Having previously seen Broadway leading lady Megan Hilty locally in 2014 at The Cabaret and in a 2015 Indianapolis Symphony Orchestra Pops concert, I knew what to expect when I attended her Palladium concert Friday at the Center for the Performing Arts in Carmel.
An actress-singer, Hilty made her mark on Broadway playing Glinda in “Wicked,” and in “9 to 5: The Musical,” in which she played Doralee Rhodes, the Dolly Parton role. Most recently, she appeared in “Noises Off,” for which she won a Tony Award nomination. But the role for which Hilty is best known is that of Ivy Lynn in NBC’s musical drama, “Smash.”
Accompanied by her band consisting of husband Brian Gallagher on acoustic guitar, Hilty was also joined by Matt Cusson on piano, Matt Scharfglass on bass and drummer Jack DeBoe—all accomplished musicians. Acknowledging her love for Broadway musicals during her introduction, Hilty’s program consisted mostly of show tunes, as well as songs from “Smash” and others.
Between songs, Seattle native Hilty projected a bubbly personality and playful sense of humor, as she shared stories and anecdotes about her background and stage and television career with an audience of all ages, including many young people. They were, no doubt, “Smash” fans, based on their enthusiastic, audible response to songs she performed from the series. They included “Movin’ the Line” and “Second Hand White Baby Grand,” both written by Marc Shaiman and Scott Wittman for the fictional musical “Bombshell,” a show about “Marilyn Monroe,” within the show.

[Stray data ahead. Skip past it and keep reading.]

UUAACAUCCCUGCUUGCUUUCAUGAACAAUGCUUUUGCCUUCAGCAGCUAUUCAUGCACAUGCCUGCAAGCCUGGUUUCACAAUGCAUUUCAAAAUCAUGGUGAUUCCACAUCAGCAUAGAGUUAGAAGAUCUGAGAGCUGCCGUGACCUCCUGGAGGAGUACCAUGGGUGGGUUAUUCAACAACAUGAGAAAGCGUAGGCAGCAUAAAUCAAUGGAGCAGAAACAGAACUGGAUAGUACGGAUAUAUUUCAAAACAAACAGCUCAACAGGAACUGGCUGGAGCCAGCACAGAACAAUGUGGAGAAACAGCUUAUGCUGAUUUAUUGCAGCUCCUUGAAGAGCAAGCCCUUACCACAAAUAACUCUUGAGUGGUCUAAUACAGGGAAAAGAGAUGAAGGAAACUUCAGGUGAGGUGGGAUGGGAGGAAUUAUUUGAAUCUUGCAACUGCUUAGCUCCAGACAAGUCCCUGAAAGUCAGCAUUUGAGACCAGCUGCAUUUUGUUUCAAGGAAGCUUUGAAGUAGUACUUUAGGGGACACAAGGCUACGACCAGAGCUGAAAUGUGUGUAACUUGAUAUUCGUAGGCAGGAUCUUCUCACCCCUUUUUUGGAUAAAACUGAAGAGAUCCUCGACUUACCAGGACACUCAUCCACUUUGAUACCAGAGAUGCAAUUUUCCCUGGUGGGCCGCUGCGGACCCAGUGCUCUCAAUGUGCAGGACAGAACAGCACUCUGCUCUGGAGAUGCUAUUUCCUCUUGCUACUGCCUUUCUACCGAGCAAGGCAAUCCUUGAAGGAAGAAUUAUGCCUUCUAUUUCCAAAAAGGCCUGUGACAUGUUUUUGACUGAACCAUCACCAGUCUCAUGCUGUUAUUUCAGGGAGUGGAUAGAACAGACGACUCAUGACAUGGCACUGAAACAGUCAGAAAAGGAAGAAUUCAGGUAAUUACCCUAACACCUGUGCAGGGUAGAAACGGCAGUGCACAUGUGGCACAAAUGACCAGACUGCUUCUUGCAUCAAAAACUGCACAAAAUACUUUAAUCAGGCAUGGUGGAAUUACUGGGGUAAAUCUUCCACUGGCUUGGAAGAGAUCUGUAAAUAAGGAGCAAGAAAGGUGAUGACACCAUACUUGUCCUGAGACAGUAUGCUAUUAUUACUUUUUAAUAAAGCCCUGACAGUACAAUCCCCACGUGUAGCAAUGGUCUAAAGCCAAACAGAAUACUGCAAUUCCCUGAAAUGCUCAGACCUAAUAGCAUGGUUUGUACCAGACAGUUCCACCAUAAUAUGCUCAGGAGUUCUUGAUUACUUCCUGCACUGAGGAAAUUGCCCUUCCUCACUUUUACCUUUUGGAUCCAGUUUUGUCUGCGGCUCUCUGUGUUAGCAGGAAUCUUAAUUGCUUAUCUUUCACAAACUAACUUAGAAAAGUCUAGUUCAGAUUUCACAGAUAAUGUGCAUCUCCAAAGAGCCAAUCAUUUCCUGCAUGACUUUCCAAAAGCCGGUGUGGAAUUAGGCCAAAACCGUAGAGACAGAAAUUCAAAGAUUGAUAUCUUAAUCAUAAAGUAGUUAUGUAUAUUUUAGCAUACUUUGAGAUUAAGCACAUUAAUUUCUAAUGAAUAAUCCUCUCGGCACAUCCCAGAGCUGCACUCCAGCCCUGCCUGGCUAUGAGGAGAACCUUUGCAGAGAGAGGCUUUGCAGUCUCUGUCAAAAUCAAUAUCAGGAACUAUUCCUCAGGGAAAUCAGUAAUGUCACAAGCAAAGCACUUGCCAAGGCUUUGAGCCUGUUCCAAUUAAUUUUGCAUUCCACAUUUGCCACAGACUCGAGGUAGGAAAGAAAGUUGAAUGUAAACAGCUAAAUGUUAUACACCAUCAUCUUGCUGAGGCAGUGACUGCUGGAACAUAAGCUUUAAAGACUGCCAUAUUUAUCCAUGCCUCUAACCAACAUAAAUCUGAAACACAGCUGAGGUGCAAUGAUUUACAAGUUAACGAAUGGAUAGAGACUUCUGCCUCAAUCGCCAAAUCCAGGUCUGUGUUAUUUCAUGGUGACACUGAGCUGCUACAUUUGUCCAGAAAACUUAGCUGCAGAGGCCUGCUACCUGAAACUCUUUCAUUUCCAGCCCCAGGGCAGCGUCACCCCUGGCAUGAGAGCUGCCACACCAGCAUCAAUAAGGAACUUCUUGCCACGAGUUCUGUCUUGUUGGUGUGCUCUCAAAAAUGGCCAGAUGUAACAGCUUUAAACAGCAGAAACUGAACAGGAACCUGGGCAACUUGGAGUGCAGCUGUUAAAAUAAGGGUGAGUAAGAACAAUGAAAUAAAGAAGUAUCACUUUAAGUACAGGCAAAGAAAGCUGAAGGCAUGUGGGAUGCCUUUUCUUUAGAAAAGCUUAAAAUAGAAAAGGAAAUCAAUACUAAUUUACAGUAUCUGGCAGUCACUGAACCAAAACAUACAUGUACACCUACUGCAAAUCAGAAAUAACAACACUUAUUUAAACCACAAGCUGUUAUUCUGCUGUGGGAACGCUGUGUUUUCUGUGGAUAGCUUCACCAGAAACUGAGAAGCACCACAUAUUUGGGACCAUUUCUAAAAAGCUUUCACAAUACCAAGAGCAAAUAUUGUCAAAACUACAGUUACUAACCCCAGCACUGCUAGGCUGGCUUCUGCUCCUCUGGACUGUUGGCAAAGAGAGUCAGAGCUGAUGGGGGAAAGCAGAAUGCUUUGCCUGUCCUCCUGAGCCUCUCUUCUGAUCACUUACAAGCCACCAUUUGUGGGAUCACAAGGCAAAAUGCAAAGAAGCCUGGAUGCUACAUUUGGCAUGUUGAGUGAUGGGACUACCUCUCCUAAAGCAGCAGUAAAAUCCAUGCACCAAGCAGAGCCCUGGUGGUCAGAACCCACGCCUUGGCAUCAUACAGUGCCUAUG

Possessing a quintessential Broadway-belter voice and versatile range, Hilty sang songs from “Wicked,” including “Popular” and “For Good.” Reprising her role in “9 to 5,” she also sang a mashup of “Backwoods Barbie” and “9 to 5,” during which she nailed Parton’s singular vocal style.
At one point during her concert, soprano Hilty revealed she had classical training and at one time, had considered a career in opera, but once she realized she probably couldn’t perform consistently until her voice matured, she decided to pursue musical theatre instead. Once she got her foot in the door, however, she said casting directors wanted her for alto roles rather than soprano ones. To illustrate, she sang a clever novelty song called “Alto’s Lament” followed by “I Could Have Danced All Night,” during which she showed off a soprano voice that rivaled that of Julie Andrews’ (when she still had her powers).
A highlight was a snappy duet of “That’s Life,” made famous by Frank Sinatra, featuring Hilty and pianist, Matt Cusson, an R&B and pop singer. Matching headliner Hilty, Cusson was a showman in his own right.
A high-energy show filled with big expansive numbers and short on ballads, with a second act more affecting than the first, Hilty’s concert ended on a quiet note. Her encore performance of “Rainbow Connection” was a tradition she said began when she was pregnant with her nearly two-year old son Ronan. It was a sweet, endearing ending to an evening that showcased a bigger-than-life entertainer who knows how to connect with her audience.